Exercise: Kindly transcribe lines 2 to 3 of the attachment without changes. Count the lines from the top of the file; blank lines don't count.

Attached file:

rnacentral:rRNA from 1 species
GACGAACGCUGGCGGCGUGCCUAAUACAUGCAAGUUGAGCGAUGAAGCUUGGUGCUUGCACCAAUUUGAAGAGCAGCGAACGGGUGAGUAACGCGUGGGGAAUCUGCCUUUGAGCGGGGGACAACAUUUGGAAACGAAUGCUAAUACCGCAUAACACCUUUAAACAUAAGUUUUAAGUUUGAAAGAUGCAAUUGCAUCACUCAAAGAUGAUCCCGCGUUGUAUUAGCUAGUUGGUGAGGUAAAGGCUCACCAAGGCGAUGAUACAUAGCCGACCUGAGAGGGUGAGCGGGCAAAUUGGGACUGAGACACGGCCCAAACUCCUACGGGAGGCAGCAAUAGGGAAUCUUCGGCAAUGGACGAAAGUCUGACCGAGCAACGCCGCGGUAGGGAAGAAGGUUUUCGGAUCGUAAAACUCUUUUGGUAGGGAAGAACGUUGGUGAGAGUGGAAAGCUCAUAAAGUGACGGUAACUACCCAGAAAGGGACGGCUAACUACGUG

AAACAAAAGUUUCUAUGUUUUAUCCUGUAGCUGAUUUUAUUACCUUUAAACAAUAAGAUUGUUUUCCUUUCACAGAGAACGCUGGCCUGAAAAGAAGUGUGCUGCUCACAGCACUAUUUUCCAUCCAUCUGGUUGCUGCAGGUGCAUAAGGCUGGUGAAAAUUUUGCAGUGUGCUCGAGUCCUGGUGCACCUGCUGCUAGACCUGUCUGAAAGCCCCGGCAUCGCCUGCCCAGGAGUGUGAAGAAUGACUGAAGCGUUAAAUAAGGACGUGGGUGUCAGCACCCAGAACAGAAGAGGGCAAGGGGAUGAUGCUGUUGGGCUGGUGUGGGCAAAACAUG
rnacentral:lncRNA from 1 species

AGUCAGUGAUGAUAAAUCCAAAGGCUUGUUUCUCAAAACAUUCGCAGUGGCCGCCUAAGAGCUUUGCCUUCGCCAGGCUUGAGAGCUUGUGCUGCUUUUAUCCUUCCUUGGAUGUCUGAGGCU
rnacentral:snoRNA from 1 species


GACGAACGCUGGCGGCGUGCCUAAUACAUGCAAGUUGAGCGAUGAAGCUUGGUGCUUGCACCAAUUUGAAGAGCAGCGAACGGGUGAGUAACGCGUGGGGAAUCUGCCUUUGAGCGGGGGACAACAUUUGGAAACGAAUGCUAAUACCGCAUAACACCUUUAAACAUAAGUUUUAAGUUUGAAAGAUGCAAUUGCAUCACUCAAAGAUGAUCCCGCGUUGUAUUAGCUAGUUGGUGAGGUAAAGGCUCACCAAGGCGAUGAUACAUAGCCGACCUGAGAGGGUGAGCGGGCAAAUUGGGACUGAGACACGGCCCAAACUCCUACGGGAGGCAGCAAUAGGGAAUCUUCGGCAAUGGACGAAAGUCUGACCGAGCAACGCCGCGGUAGGGAAGAAGGUUUUCGGAUCGUAAAACUCUUUUGGUAGGGAAGAACGUUGGUGAGAGUGGAAAGCUCAUAAAGUGACGGUAACUACCCAGAAAGGGACGGCUAACUACGUG

AAACAAAAGUUUCUAUGUUUUAUCCUGUAGCUGAUUUUAUUACCUUUAAACAAUAAGAUUGUUUUCCUUUCACAGAGAACGCUGGCCUGAAAAGAAGUGUGCUGCUCACAGCACUAUUUUCCAUCCAUCUGGUUGCUGCAGGUGCAUAAGGCUGGUGAAAAUUUUGCAGUGUGCUCGAGUCCUGGUGCACCUGCUGCUAGACCUGUCUGAAAGCCCCGGCAUCGCCUGCCCAGGAGUGUGAAGAAUGACUGAAGCGUUAAAUAAGGACGUGGGUGUCAGCACCCAGAACAGAAGAGGGCAAGGGGAUGAUGCUGUUGGGCUGGUGUGGGCAAAACAUG